In Japanese Patent Laid-Open No. 2-27843 (U.S. Pat. No. 5,032,913), the applicant has proposed incorporation of a water supply detecting means that receives an image signal from an electronic endoscope, and identifies color misregistration derived from the water supply. Thereby, only when it is determined that the water supply is under way, a correction color is displayed. Thus, only intense color misregistration is eased.

Alternatively, Japanese Patent Laid-Open 3-24513 has disclosed a color misregistration detector in which color difference signals of a current image are generated to calculate a hue, then the hue component is held.

An image produced during water supply or other image causing conspicuous color misregistration has a high saturation. Even in a general image, a bleeding region appears with a relatively high saturation.

However, in the aforesaid color misregistration detecting method, since only a difference of a hue component is detected to identify color misregistration, even negligible color misregistration is subjected to color misregistration easing. Therefore, color misregistration is detected at a level inconsistent with a level at which a sensory test has revealed that an observer discerns color misregistration. That is to say, even negligible color misregistration is identified as color misregistration. Even for color misregistration with which an observer is not annoyed, color misregistration easing is carried out.

In Japanese Patent Laid-Open No. 2-27842 (U.S. Pat. No. 5,032,913), data is kept updated even when intense color misregistration has occurred. When intense color misregistration occurs, average color differences of a screen (one field or one frame), which are used to produce the correction color, varies incessantly. Therefore, a stable correction color is unavailable.

The system disclosed in the Japanese Patent Laid-Open No. 2-27842 (U.S. Pat. No. 5,032,913) always applies an average color irrelative to a degree of color misregistration.

A system for easing color misregistration should, preferably, replace only an area of color misregistration in an image with a correction color. To detect the area of color misregistration and correct only the area, memory circuits and other digital circuits must be incorporated. This results in a large-sized and high-cost circuitry.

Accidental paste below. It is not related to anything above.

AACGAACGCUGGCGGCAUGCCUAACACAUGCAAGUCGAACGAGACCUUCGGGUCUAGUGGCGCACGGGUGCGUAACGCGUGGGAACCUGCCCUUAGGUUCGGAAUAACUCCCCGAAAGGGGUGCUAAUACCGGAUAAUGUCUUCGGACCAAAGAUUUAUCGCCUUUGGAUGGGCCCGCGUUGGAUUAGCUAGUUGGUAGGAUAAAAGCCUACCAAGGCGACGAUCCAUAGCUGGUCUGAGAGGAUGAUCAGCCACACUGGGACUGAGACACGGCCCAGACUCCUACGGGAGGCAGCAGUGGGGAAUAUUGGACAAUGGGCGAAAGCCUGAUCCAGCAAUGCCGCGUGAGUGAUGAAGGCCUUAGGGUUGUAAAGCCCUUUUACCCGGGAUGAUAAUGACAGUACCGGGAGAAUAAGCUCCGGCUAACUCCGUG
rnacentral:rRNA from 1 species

SUMMARY OF THE INVENTION

The object of the present invention is to provide a color misregistration easing system for easing color misregistration in an image produced by a field sequential type imaging system only when the color misregistration results from, for example, a water supply and exceeds a permissible level.

Another object of the present invention is to provide a color misregistration easing system capable of easing color misregistration without causing visual unnaturalness.

The other object of the present invention is to provide a color misregistration easing system capable of realizing a simple and low-cost circuitry for efficiently easing color misregistration in an image produced by a field sequential type imaging system.

The present invention provides a color misregistration easing system for inputting a color image signal of a subject imaged by a field sequential type imaging means and carrying out color misregistration easing. The color misregistration easing system of this invention comprises a detecting means for using a color image signal originating from the imaging means to calculate a quantity of a change of color information of time-series screens before and after, detecting color misregistration or an event leading to color misregistration according the calculated quantity, an average color information producing means for using the color image signal to produce an average of color information of part or the whole of a screen, and updating the average color information according to the quantity of a change of varying color information of time-series screens before and after in response to an instruction from the detecting means, a means for generating a correction image signal of the subject using the average of color information the average color information producing means produces, and a switching means for outputting the correction image signal the generating means provides when the detecting means determines presence of color misregistration, or outputting the color image signal when the detecting means determines absence of color misregistration.